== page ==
Gas bill rates to increase for Puget Sound customers

Aug 29, 2023, 12:20 PM | Updated: 3:20 pm

puget sound gas bill...

PSE employee working on a meter (Photo courtesy of Flickr)

(Photo courtesy of Flickr)

Starting Oct. 1, Puget Sound Energy customers may notice their natural gas bills are a little higher. But the reason for the increase will not be on the bill is due to the recent ruling by the Washington Utilities and Transportation Commission (UTC).

The increase stems from Washington’s Climate Commitment Act, more commonly known as the “cap and invest” program. The legislation, passed in 2021, requires the state’s biggest polluters to reduce their carbon emissions or purchase allowances to cover them.

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Bellevue-based Puget Sound Energy provides electricity service to more than 1.1 million electric customers and natural gas service to more than 800,000 others. The company is currently required to pay $16.8 million for its emissions under the Climate Commitment Act, according to a letter earlier this month from the commission. That cost will now be passed on to customers. It’s estimated to be an average increase of around $3.71 per month or 3.89%, with lower rate increases for lower-income customers, according to recently released documents from the UTC.

“The program puts a price on greenhouse gas emissions emitted in the state and thereby increases the cost to deliver electricity and natural gas to our customers,” Puget Sound Energy Director of Communications Christine Donegan said.

Rate warning came in 2022

The company warned customers of this potential increase last year. To offset the new charges, Donegan explained the company purchases carbon “credits” at state auctions, “which are basically a compliance instrument to cover emissions and comply with the program.” Those credits ultimately reduce the cost passed down to consumers — but not enough to cover the charge — which is why rates will go up.

But in October, customers will only see the “credit” on their bills, not the charge.

“We wanted to put the charge on the bill,” said Donegan. “The idea is to always be transparent about any rate increase that’s occurring for our customers.”

But the commission ruled it would be too confusing.

“Only those charges or credits that inure to the benefit of customers should be included as line items on customer bills,” the UTC letter stated. “For that reason, we require (Puget Sound Energy) to include the ‘carbon reduction credit’ on customer bills, which will also signal an economic incentive for consumers to reduce their own carbon emissions.”

In a blog post Friday, Washington Policy Center Environmental Director Todd Myers wrote this policy is not only dishonest but violates the spirit of Washington’s laws and constitution.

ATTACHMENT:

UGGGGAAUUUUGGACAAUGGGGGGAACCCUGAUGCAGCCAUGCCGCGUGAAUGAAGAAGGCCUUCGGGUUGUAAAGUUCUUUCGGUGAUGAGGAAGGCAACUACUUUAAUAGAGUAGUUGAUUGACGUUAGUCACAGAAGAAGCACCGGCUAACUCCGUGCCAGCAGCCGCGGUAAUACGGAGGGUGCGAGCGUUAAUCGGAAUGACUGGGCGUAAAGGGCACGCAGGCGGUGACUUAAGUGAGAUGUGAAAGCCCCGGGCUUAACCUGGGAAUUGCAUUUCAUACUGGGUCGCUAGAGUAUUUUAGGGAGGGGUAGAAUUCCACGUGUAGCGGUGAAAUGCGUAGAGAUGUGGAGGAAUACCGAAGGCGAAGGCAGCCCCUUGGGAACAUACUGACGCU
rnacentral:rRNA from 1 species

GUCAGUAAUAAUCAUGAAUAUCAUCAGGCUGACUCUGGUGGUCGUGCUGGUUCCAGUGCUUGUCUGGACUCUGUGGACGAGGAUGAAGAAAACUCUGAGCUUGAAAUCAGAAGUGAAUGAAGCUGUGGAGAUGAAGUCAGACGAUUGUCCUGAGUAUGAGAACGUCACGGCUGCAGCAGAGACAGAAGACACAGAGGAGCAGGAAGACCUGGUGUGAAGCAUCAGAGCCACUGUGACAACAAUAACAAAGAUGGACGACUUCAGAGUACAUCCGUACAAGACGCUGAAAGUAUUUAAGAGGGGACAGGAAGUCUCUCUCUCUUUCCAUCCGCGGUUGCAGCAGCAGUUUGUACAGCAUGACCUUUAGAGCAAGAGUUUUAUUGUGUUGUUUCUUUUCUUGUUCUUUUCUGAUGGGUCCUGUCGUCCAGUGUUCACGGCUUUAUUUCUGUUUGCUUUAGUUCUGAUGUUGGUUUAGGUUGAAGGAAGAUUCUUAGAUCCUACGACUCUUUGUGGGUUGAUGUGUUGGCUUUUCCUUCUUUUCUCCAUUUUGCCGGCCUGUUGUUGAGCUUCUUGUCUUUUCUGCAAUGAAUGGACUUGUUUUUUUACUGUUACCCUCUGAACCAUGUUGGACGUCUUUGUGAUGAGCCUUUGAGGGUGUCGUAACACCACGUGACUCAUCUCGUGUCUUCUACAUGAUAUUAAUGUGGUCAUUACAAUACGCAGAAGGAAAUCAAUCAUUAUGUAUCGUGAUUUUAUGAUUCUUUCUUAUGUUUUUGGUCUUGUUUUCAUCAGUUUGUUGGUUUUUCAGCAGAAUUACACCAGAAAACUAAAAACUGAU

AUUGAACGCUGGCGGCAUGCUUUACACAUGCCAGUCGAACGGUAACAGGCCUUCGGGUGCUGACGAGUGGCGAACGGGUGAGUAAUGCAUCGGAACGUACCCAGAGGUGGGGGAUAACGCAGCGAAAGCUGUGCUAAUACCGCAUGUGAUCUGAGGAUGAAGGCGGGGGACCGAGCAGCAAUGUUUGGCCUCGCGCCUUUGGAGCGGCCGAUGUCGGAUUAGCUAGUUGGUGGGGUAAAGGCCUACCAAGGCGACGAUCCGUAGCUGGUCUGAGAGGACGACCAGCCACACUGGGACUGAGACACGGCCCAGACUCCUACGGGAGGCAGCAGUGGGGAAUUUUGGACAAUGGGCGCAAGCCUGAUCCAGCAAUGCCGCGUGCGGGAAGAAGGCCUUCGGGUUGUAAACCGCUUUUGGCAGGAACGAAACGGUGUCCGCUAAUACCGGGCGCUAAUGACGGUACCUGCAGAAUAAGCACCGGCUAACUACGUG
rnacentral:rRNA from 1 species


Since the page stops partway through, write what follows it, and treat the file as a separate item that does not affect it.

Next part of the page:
“The position of the public counsel in the Attorney General’s office is that they know what the public should know and what they shouldn’t,” Myers wrote. “The claim that transparency is bad for the public is remarkable and revealing.”

The rate increase is also not finalized. Donegan said it could change due to the market-based nature of the cap-and-invest program.

“We started complying with the (Climate Commitment Act) Jan. 1, but we haven’t charged customers anything for it yet,” Donegan said. “So, there’s kind of a catch-up period. And we’ll also be doing a filing that looks at what those costs might be going forward.”

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That could mean another increase — or it could mean getting your money back. The commission ruled all costs PSE passes down to customers “should be subject to further review and possible refund in a future proceeding.”

And it’s possible the charge could appear as a line item on the bill at a later date. AGO Assistant Attorney General Nina Suetake wrote in a July 3 letter to the UTC that they “believe the issue of whether to itemize these charges and credits on bills requires more discussion in upcoming workshops to ensure that the itemization would add to customer understanding and experience, rather than unnecessarily complicate utility bills.”

While the “carbon reduction charge” may not show up on the bill, Donegan said the state has set clear expectations for educating the public about changes resulting from the Climate Commitment Act. “We’re talking with them, we’re out in-person meeting with them, answering questions about what this program is, and then referring them to resources.”

More information can be found on Puget Sound Energy’s website here.

Follow Kate Stone on X, formerly known as Twitter, or email her here.

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